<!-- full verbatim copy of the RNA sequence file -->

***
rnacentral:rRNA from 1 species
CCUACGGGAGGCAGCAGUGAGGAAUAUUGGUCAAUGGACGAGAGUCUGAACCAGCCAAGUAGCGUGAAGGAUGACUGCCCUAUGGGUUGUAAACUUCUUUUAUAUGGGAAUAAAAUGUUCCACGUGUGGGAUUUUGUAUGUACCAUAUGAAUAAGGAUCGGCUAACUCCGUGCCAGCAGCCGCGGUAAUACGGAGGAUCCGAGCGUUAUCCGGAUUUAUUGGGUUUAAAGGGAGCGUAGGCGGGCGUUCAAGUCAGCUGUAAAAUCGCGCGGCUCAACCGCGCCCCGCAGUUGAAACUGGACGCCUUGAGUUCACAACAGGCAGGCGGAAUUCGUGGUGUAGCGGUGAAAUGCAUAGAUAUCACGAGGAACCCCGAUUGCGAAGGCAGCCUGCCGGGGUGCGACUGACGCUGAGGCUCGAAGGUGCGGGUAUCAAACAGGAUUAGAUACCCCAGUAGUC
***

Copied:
rnacentral:rRNA from 1 species
CCUACGGGAGGCAGCAGUGAGGAAUAUUGGUCAAUGGACGAGAGUCUGAACCAGCCAAGUAGCGUGAAGGAUGACUGCCCUAUGGGUUGUAAACUUCUUUUAUAUGGGAAUAAAAUGUUCCACGUGUGGGAUUUUGUAUGUACCAUAUGAAUAAGGAUCGGCUAACUCCGUGCCAGCAGCCGCGGUAAUACGGAGGAUCCGAGCGUUAUCCGGAUUUAUUGGGUUUAAAGGGAGCGUAGGCGGGCGUUCAAGUCAGCUGUAAAAUCGCGCGGCUCAACCGCGCCCCGCAGUUGAAACUGGACGCCUUGAGUUCACAACAGGCAGGCGGAAUUCGUGGUGUAGCGGUGAAAUGCAUAGAUAUCACGAGGAACCCCGAUUGCGAAGGCAGCCUGCCGGGGUGCGACUGACGCUGAGGCUCGAAGGUGCGGGUAUCAAACAGGAUUAGAUACCCCAGUAGUC